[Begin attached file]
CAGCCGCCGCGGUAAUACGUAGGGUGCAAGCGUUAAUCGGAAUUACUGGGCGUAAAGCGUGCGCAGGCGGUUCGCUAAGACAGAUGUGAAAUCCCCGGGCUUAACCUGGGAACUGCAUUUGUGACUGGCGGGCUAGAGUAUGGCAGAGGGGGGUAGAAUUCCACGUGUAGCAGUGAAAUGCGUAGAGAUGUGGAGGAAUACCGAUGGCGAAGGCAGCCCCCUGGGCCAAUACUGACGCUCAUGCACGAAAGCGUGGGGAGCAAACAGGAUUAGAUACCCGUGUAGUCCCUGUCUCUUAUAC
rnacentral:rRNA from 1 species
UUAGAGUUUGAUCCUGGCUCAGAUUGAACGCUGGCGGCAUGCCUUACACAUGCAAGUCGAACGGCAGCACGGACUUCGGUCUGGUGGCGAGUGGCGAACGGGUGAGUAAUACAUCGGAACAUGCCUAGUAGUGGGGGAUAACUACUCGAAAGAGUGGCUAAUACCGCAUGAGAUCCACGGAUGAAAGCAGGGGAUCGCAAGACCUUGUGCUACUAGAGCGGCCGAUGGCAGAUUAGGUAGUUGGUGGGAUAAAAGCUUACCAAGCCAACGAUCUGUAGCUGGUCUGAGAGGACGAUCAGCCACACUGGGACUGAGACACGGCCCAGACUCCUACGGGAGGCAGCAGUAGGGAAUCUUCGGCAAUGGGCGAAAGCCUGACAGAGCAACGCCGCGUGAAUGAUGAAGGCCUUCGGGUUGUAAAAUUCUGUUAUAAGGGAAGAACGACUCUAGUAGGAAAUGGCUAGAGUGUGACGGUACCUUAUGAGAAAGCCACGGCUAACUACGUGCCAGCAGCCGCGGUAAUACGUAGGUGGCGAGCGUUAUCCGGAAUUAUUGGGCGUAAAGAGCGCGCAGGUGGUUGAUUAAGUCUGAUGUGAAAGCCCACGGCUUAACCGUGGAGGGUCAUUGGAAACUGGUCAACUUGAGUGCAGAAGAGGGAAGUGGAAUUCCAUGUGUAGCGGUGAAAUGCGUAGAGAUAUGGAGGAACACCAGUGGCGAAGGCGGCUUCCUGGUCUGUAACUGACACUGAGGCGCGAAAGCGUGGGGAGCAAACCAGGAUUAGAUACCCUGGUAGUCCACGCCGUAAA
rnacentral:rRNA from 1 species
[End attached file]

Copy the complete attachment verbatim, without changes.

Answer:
CAGCCGCCGCGGUAAUACGUAGGGUGCAAGCGUUAAUCGGAAUUACUGGGCGUAAAGCGUGCGCAGGCGGUUCGCUAAGACAGAUGUGAAAUCCCCGGGCUUAACCUGGGAACUGCAUUUGUGACUGGCGGGCUAGAGUAUGGCAGAGGGGGGUAGAAUUCCACGUGUAGCAGUGAAAUGCGUAGAGAUGUGGAGGAAUACCGAUGGCGAAGGCAGCCCCCUGGGCCAAUACUGACGCUCAUGCACGAAAGCGUGGGGAGCAAACAGGAUUAGAUACCCGUGUAGUCCCUGUCUCUUAUAC
rnacentral:rRNA from 1 species
UUAGAGUUUGAUCCUGGCUCAGAUUGAACGCUGGCGGCAUGCCUUACACAUGCAAGUCGAACGGCAGCACGGACUUCGGUCUGGUGGCGAGUGGCGAACGGGUGAGUAAUACAUCGGAACAUGCCUAGUAGUGGGGGAUAACUACUCGAAAGAGUGGCUAAUACCGCAUGAGAUCCACGGAUGAAAGCAGGGGAUCGCAAGACCUUGUGCUACUAGAGCGGCCGAUGGCAGAUUAGGUAGUUGGUGGGAUAAAAGCUUACCAAGCCAACGAUCUGUAGCUGGUCUGAGAGGACGAUCAGCCACACUGGGACUGAGACACGGCCCAGACUCCUACGGGAGGCAGCAGUAGGGAAUCUUCGGCAAUGGGCGAAAGCCUGACAGAGCAACGCCGCGUGAAUGAUGAAGGCCUUCGGGUUGUAAAAUUCUGUUAUAAGGGAAGAACGACUCUAGUAGGAAAUGGCUAGAGUGUGACGGUACCUUAUGAGAAAGCCACGGCUAACUACGUGCCAGCAGCCGCGGUAAUACGUAGGUGGCGAGCGUUAUCCGGAAUUAUUGGGCGUAAAGAGCGCGCAGGUGGUUGAUUAAGUCUGAUGUGAAAGCCCACGGCUUAACCGUGGAGGGUCAUUGGAAACUGGUCAACUUGAGUGCAGAAGAGGGAAGUGGAAUUCCAUGUGUAGCGGUGAAAUGCGUAGAGAUAUGGAGGAACACCAGUGGCGAAGGCGGCUUCCUGGUCUGUAACUGACACUGAGGCGCGAAAGCGUGGGGAGCAAACCAGGAUUAGAUACCCUGGUAGUCCACGCCGUAAA
rnacentral:rRNA from 1 species